SLED takes down suspected Midlands' Mexican heroin cartel

Seized heroin (Source: SLED)
Seized heroin (Source: SLED)

By Jody Barr - bio | email

COLUMBIA, SC (WIS)- It took state and federal investigators a year to investigate and build a case against 21 people suspected of helping Mexican drug cartels push millions of dollars worth of heroin through South Carolina. Wednesday morning, SLED and the DEA took down the remaining members of the cartel.

Agents call the operation "Black Poppy," referring to the color of the heroin they've seized throughout the year-long operation. Since October 2009, agents seized more than 30 kilograms of heroin. Agents said three separate distribution "cells" were working inside the state from Richland-Lexington Counties, Horry-Georgetown Counties, to the Charleston County area.

The final operation started before dawn Wednesday morning as SLED's SWAT team loaded into a BearCat armored vehicle, headed toward South Congaree. Agents were on the way to arrest a Hispanic man, suspected of working for Mexican cartels, pushing heroin through the Midlands.

It only took the SWAT team just seconds to blind the suspect with a flash grenade, kick the door in, and arrest Jorge Louis Guitterez-Iberria. Guitterez-Iberria was already under state grand jury indictments, according to SLED, awaiting trial for pending drug charges.

"Some of these individuals that will be picked up today have already been indicted by the grand jury," SLED Director Reggie Lloyd said Wednesday morning on the way to arrest the final suspects in "Operation Black Poppy." "Others may be in the wrong place at the wrong time," Lloyd said referring to not knowing who else may be inside the suspects' homes. "Could be guns, drugs, we just really don't know what we're going to see when we get there."

The take down happened at 5:40 a.m. Agents said Guitterez-Iberria tried to make a run out the back door of his South Congaree mobile home, but SWAT members covered the exit, and Guitterez-Iberria laid on the floor, and surrendered. Agents interviewed Guitterez-Iberria, read him his rights, and booked him in to the Lexington County Detention Center where he'll face a circuit court judge for a bond hearing.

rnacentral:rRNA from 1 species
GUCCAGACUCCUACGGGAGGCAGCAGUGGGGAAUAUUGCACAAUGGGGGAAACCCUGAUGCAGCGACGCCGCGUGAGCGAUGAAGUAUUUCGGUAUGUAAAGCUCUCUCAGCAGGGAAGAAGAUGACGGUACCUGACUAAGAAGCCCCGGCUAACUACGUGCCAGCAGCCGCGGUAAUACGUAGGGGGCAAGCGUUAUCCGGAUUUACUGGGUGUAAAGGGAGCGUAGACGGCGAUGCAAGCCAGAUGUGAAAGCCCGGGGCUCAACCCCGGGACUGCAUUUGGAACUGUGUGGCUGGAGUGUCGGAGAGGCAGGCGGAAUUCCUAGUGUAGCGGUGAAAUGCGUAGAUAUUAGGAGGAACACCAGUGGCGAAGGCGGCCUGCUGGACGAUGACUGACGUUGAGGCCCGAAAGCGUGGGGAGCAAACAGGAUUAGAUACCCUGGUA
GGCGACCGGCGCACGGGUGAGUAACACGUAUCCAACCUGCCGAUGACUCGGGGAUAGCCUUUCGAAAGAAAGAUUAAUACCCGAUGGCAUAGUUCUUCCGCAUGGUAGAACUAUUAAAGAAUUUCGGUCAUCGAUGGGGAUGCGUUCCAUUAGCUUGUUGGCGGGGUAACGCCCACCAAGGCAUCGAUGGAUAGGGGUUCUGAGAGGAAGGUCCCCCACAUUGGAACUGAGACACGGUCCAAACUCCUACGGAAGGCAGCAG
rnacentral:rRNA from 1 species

The operation targeted what Lloyd calls a "new wave" of criminals, moving East from large cities like Atlanta and the Southwest. The wave is comprised of Mexican cartel runners, working for organized Drug Trafficking Organizations out of Mexico. The FBI's 2010 National Drug Threat Assessment, which compiles drug intelligence reports from across the nation, calls Mexican Drug Cartels the "fastest growing organized crime group" in the nation. The report states, "Mexican DTOs, constitute the greatest drug trafficking threat to the United States."

The FBI report shows evidence of the Mexican drug trade sweeping along the East coast, making allies with established "street gangs," to grow their networks and to move into more rural areas to deal and distribute drugs.

"We keep telling everybody that we've all got to get ahead of this because these guys get really set up here; they're unlike anything I think anybody's seen before in South Carolina," Lloyd said. "They're setting up shop here in increasing numbers…They're moving huge amounts. It's probably one of the largest heroin distribution rings right now," Lloyd said.

Agents estimate the Midlands ring pushed between $5 and $6 million worth of heroine through South Carolina within the past year. The ring stretched in to the Myrtle Beach area, where agents there have already arrested dozens of Mexican cartel members during operation "Black Poppy." But, the cartel's drug dealing isn't in heroin alone, Lloyd said. The cartels are distributing marijuana, and cocaine, sending the profits from the drug ring back to Mexico, according to investigators.

The indictment against the 21 was unsealed Wednesday. The drugs were sealed in balloons, then distributed through the state, according to the indictment. Lloyd said his agents started conducting undercover drug buys last September, then started mapping out the distribution and supply lines.

Investigators watched the Midlands' cartels for a year, tracking their financing and suppliers, according to Lloyd. Finding the suppliers is the only effective way to stop the cartels, "You've got to take out the roots, you just can't cut off the tops," Lloyd said. "It's the only way to ensure these thugs never come back."

Agents have arrested Joshua Griffin, Bobby Burroughs, Kenneth Andrews, Brainen Borchers,  Michael Rion Byrd, Edgar Allan Craig, Wendy Annette Craig, Ian Matthew Craven,  Jeremy Lewis Gray, Larry Allen Hourihan, Lisa Amanda Londono, Anselmo Villalobos-Alcala, Jorge Louis Guittercz-Iberria, Noel Adan Verdin-Aldama Francisco Guerrero-Flores,  Juan Rodolpho Arroyo, Gadiel Garcia De Dios (aka Andres Sandavol), Manuel Hernandez Robles on multiple charges, including  conspiracy to traffic and distribute heroin in felony amounts. Agents also charged Peter Turanec in the case, and SLED said he is expected to surrender soon.

If convicted, the mandatory minimum for the charges is 25 years with a maximum sentence of 40 years in state prison.

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